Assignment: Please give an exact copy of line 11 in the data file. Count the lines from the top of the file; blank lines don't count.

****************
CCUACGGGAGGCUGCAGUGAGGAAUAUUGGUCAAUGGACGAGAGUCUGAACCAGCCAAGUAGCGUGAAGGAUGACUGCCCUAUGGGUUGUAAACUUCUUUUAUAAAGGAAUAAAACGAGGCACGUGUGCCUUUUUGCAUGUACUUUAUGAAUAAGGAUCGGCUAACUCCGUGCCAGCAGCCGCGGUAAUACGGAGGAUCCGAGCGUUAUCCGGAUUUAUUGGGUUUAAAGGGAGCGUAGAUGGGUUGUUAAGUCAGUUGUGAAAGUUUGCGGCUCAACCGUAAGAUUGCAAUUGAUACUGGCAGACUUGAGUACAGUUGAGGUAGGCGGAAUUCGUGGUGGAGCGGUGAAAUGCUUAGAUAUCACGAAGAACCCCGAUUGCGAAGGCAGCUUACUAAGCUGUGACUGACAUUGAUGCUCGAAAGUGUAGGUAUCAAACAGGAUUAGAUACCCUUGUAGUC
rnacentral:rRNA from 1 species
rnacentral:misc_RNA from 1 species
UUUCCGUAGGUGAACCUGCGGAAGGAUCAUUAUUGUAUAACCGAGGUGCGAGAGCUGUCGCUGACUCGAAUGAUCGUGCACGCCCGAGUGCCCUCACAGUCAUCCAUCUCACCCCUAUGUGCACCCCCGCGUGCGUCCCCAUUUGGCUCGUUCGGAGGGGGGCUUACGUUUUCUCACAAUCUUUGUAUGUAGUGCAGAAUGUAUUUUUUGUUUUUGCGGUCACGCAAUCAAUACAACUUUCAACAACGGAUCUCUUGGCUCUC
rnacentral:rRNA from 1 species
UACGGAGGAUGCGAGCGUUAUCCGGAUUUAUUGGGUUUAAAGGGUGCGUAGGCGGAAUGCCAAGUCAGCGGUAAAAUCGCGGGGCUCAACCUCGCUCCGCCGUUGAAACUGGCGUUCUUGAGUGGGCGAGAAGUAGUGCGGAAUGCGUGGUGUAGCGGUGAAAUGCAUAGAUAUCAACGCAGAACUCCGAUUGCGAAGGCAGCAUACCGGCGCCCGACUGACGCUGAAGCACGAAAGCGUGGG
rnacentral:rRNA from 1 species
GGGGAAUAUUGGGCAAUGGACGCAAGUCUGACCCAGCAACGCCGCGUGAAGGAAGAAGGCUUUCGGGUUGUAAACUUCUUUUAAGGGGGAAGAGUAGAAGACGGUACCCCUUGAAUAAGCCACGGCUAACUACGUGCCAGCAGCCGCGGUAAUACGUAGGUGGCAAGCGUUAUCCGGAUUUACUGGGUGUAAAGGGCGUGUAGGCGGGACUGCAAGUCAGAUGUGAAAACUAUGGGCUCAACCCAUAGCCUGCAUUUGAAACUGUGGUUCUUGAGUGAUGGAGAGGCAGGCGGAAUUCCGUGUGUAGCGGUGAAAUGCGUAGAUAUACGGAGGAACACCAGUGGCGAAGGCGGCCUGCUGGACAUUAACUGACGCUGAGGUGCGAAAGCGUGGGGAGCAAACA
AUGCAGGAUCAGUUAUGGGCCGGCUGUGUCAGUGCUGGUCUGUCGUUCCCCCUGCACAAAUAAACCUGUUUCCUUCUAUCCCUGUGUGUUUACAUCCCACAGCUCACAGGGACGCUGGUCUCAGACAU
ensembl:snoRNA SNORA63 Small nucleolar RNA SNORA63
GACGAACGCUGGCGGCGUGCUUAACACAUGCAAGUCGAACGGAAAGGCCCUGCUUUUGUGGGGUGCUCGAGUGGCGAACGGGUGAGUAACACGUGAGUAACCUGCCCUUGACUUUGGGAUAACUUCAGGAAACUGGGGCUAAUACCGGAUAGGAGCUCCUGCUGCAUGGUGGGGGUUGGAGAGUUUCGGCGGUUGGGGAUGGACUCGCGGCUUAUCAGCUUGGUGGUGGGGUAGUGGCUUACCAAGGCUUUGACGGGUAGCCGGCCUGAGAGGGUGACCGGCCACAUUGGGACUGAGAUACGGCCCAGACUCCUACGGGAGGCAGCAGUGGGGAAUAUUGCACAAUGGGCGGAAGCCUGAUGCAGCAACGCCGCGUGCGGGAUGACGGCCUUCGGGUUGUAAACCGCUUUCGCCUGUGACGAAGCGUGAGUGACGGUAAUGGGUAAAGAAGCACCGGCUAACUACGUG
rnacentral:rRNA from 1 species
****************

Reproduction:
GACGAACGCUGGCGGCGUGCUUAACACAUGCAAGUCGAACGGAAAGGCCCUGCUUUUGUGGGGUGCUCGAGUGGCGAACGGGUGAGUAACACGUGAGUAACCUGCCCUUGACUUUGGGAUAACUUCAGGAAACUGGGGCUAAUACCGGAUAGGAGCUCCUGCUGCAUGGUGGGGGUUGGAGAGUUUCGGCGGUUGGGGAUGGACUCGCGGCUUAUCAGCUUGGUGGUGGGGUAGUGGCUUACCAAGGCUUUGACGGGUAGCCGGCCUGAGAGGGUGACCGGCCACAUUGGGACUGAGAUACGGCCCAGACUCCUACGGGAGGCAGCAGUGGGGAAUAUUGCACAAUGGGCGGAAGCCUGAUGCAGCAACGCCGCGUGCGGGAUGACGGCCUUCGGGUUGUAAACCGCUUUCGCCUGUGACGAAGCGUGAGUGACGGUAAUGGGUAAAGAAGCACCGGCUAACUACGUG